Maybe it's the trains. Maybe it's the camels. Maybe it's the intermission. No matter: Something about "Eklavya: The Royal Guard" suggests a lost film by David Lean. With some muted echoes of "Hamlet." And a whiff of "Rigoletto."
Like so many Indian movies that make their way to Los Angeles, "Eklavya" — based on the low-caste warrior hero of "The Mahabharata" — is a movie masala. Unlike so many, thisstirring dramatic feature by Kashmiri director Vidhu Vinod Chopra, his first in seven years, marries its varied elements — in this case modernity and classicism, current-day India and its feudal past, contemporary corruption and blood tradition — in a coherent and propulsive fashion. There may be songs, but they are not sung by kohl-eyed virgins in rainstorms; there may be excess, but "camp" is thelast thing one would call "Eklavya."
Something is rotten in Devigarh, an ancient Shangri-La of royal pretense, where the aging but still lethal Eklavya (Bollywood vet Amitabh Bachchan) protects the all-but-powerless king (Boman Irani). When the queen (Sharmila Tagore) calls out on her deathbed for Eklavya, the jealous sovereign strangles her, unleashing a tempest that will bring the brooding prince, Harshwardhan (Saif Ali Khan), home from London, and a whole world tumbling down.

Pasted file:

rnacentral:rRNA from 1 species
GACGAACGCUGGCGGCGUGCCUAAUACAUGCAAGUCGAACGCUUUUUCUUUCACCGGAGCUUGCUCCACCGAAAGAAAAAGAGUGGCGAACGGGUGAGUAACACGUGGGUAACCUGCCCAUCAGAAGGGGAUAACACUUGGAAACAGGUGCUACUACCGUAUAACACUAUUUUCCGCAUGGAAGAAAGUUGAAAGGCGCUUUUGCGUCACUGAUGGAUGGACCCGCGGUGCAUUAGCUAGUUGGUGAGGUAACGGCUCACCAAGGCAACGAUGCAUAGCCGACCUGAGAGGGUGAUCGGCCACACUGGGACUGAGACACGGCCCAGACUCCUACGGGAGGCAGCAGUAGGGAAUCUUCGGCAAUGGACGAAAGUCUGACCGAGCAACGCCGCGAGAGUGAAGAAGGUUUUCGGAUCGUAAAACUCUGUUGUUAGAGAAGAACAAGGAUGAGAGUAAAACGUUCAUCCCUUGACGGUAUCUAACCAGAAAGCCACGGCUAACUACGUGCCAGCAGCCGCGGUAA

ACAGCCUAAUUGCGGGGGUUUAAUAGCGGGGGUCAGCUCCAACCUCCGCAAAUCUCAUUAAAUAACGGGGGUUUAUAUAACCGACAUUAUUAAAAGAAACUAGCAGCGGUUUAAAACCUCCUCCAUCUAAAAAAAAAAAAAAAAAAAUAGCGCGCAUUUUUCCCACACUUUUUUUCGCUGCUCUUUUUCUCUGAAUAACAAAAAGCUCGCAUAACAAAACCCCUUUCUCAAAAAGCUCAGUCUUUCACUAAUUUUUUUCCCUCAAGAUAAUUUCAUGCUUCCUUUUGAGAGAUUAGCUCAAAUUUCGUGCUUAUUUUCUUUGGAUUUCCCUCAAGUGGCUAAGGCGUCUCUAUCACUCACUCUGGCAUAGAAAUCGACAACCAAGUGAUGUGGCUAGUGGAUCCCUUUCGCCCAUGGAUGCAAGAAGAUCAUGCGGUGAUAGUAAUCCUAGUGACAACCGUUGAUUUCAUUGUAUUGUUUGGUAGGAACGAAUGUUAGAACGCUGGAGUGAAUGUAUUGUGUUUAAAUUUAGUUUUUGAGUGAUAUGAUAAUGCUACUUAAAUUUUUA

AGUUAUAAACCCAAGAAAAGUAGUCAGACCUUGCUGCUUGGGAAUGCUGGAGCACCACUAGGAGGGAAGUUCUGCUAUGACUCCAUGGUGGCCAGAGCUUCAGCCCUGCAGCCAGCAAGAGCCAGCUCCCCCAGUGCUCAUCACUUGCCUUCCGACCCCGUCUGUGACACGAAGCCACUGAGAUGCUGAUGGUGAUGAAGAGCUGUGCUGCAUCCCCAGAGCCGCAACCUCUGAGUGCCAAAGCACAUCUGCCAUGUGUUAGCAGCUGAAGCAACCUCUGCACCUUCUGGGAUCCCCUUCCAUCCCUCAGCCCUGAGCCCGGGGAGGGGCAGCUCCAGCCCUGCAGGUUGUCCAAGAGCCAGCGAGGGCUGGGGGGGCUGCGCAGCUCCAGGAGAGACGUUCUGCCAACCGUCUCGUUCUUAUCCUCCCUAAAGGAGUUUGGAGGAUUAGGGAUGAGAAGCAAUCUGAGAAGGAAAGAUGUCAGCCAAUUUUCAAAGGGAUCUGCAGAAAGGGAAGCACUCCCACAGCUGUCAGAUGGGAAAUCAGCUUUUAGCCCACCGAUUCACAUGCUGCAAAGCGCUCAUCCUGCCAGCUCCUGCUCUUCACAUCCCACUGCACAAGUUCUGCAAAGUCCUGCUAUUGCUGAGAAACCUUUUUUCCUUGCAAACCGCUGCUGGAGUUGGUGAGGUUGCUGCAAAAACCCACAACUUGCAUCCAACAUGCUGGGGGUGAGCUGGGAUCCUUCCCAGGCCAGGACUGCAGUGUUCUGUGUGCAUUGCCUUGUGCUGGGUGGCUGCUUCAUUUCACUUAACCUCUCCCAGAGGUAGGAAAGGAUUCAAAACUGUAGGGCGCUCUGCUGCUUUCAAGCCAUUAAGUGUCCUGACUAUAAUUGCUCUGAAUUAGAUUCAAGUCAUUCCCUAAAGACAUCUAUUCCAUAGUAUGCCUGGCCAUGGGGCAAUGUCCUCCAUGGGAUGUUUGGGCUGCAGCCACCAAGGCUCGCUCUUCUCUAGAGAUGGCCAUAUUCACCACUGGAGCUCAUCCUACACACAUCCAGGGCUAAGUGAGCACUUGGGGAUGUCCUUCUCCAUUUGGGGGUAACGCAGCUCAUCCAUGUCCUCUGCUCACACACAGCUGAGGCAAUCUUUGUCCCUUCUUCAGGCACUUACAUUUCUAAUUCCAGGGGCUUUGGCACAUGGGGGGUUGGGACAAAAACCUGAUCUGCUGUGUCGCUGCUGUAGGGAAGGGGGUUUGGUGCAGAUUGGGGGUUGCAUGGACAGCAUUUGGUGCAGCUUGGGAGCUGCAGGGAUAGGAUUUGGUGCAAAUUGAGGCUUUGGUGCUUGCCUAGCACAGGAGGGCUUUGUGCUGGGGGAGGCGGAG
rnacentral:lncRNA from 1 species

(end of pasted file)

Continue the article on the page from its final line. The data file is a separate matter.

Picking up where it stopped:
Chopra and co-writer Abhijit Joshi's portrayal of characters according to sex or caste is a bit dubious. Harsh's Ophelia-like twin, Nandini (Raima Sen), is more silly than disturbed; Rajjo (Vidya Balan) is Harsh's Sabrina (she's even the chauffeur's daughter). And the "untouchable" policeman, Pannalal (Sanjay Dutt), is simply a goofball.
Harsh himself might have seemed the more obvious choice of protagonist in this melodrama of honor and revenge, but it is Eklavya who provides the far more potent and complex hero. He is faced with an insurmountable dilemma: Whether to honor the code of the royal guard or spare the life of his son.
Chopra and his cinematographer, Nataraja Subramanian, create startling images that are used for seduction or, just as often, alarm: The shift in energy and rhythms and the velocity of the action keep the viewer off balance yet always in the flow of the story.
There are dry spots, but Chopra is aspiring to epic cinema, both in his themes and his visuals, and most of the time it works. And, yes, there really is an intermission, just in case one needs to catch one's breath.
"Eklavya: The Royal Guard." Unrated. Running time: 2 hours. Exclusively at Laemmle's Fallbrook, 6731 Fallbrook Ave., West Hills, (818) 340-8710, and Naz8 Artesia, 6440 E. South St., Lakewood, (510) 797-2000.Copyright © 2014, Los Angeles Times